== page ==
It is a pleasure to serve under your chairmanship, Ms McDonagh. Like everybody else, I congratulate Alexander Stafford on bringing forward this important debate—his second debate. He has a huge interest in the subject and spoke very well on it. Believe it or not, I agree with pretty much everything he said.
Because of time constraints, I will not pay tribute to everybody who has spoken, except to say that it has been a very good debate. I agree with pretty much all the contributions. Peter Aldous said it is not a competition, but then made a very valiant plug for East Anglia. Everybody else said that it is not really a competition, but we have to be careful. The way some of the system is set up by the Government at the moment, with picking clusters ahead of others, makes it very much a competition. I would like to see a greater commitment from the Government on taking out carbon emissions, particularly through CCS, and on giving the go-ahead for five or more clusters rather than a couple at a time.
For the most part, when it comes to hydrogen, the UK Government say the right things and have set out some very welcome measures in the White Paper. If the UK and Scotland really are to be world leaders in this technology, it needs more work and greater financial commitment. The reality is that the White Paper was a year and a half late, which has had knock-on consequences for the rest of the policies that follow. The planned production of a hydrogen strategy is obviously welcome but, as the hon. Member for Rother Valley said, we cannot wait any longer. We really need that strategy to come out as soon as possible in 2021.
Germany published its hydrogen strategy in June 2020, so if we do not watch, the UK is going to be a year behind Germany. As we know, it has committed €9 billion. The £240 million net zero hydrogen fund may be welcome, but over a 10-year period, it looks quite paltry compared with Germany’s €9 billion. The UK plan target of 5 GW of low-carbon hydrogen production by 2030 is welcome, but it is the same as Germany’s. Could greater ambition be shown, to get ahead of the game?
When it comes to hydrogen business models, the UK Government are again behind the curve. The proposal to finalise those models in 2022 should and could be speeded up. We know the contract for difference process has worked well in bringing down the costs for renewables, although there are issues about the supply chain, but CfD could still be looked at for hydrogen production. Meanwhile, the effort—I am repeating myself on this point—that has gone into plugging nuclear is beyond belief. Let us put that effort into hydrogen and CCS and other low-carbon technologies.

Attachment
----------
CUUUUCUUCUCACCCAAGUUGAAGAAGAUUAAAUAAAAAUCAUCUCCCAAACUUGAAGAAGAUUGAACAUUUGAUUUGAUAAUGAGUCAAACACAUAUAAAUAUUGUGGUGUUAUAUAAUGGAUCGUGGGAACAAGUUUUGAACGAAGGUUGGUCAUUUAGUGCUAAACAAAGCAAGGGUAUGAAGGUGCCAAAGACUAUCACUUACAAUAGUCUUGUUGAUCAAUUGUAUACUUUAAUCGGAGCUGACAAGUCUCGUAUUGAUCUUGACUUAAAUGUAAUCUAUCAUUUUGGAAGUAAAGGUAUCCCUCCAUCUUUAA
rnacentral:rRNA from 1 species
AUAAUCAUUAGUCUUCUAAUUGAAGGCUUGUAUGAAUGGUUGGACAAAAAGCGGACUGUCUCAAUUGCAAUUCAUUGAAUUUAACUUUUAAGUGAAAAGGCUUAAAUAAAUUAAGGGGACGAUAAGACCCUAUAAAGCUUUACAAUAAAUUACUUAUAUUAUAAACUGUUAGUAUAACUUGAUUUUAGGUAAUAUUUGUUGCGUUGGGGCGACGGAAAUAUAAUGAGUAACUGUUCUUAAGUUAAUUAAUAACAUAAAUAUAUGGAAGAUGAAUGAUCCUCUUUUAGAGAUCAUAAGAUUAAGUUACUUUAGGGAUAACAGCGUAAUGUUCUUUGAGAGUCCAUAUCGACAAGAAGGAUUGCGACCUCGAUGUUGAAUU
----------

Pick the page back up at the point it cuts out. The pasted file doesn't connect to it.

Again, although the UK has made good progress in decarbonisation, 27 million homes are still reliant on fossil fuels for heating, and transport is still a huge contributor. In both those sectors, hydrogen will be pivotal, as has been said. On heating, we still need to see the buildings and heating decarbonisation strategy, and a future homes strategy is required. As the hon. Member for Rother Valley said, we need to look at a whole mix of options for our decarbonisation. Heat pumps, for example, are welcome, but we need a clear strategy and technology selection framework for that to develop and go forward. The way in which those measures will be paid for also needs to be evaluated, because there is a limit to what can be passed on to consumer bills. We already have too much fuel poverty in the UK; we cannot risk any more.
When looking at the 27 million homes that are still reliant on fossil fuel heating systems, and others that are reliant on electrification, it is impossible not to see hydrogen as the only large-scale conversion approach. Even so, the full large-scale roll-out of hydrogen would be in 2030, which means that every week for some 20 years, 27,000 homes will need their heat sources decarbonised. That is a huge task that requires much planning, and perhaps even an independent body to oversee it—like the switch from town gas, it will require a massive effort. Manufacturers in the UK already make hydrogen-compliant boilers, so will the Government mandate the sale and installation of hydrogen-ready boilers by 2025? That is an industry ask.
I welcome the H100 trial in Levenmouth and Fife, where up to 300 homes will be powered by green hydrogen. Interestingly, that project is funded by the Scottish Government and Ofgem, but no money is forthcoming from BEIS as yet. I wish Scottish gas networks well with that trial, and I hope that it will lead to an unlocking of money from and trials by the UK Government.